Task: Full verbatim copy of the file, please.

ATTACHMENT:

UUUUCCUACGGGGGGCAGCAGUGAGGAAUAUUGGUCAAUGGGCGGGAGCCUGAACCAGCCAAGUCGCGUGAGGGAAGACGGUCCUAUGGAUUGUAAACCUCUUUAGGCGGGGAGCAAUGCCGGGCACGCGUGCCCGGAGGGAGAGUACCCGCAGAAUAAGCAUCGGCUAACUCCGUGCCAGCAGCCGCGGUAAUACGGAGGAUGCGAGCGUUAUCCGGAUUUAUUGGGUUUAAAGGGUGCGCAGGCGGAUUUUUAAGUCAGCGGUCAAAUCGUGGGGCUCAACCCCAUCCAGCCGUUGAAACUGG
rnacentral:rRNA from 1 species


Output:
UUUUCCUACGGGGGGCAGCAGUGAGGAAUAUUGGUCAAUGGGCGGGAGCCUGAACCAGCCAAGUCGCGUGAGGGAAGACGGUCCUAUGGAUUGUAAACCUCUUUAGGCGGGGAGCAAUGCCGGGCACGCGUGCCCGGAGGGAGAGUACCCGCAGAAUAAGCAUCGGCUAACUCCGUGCCAGCAGCCGCGGUAAUACGGAGGAUGCGAGCGUUAUCCGGAUUUAUUGGGUUUAAAGGGUGCGCAGGCGGAUUUUUAAGUCAGCGGUCAAAUCGUGGGGCUCAACCCCAUCCAGCCGUUGAAACUGG
rnacentral:rRNA from 1 species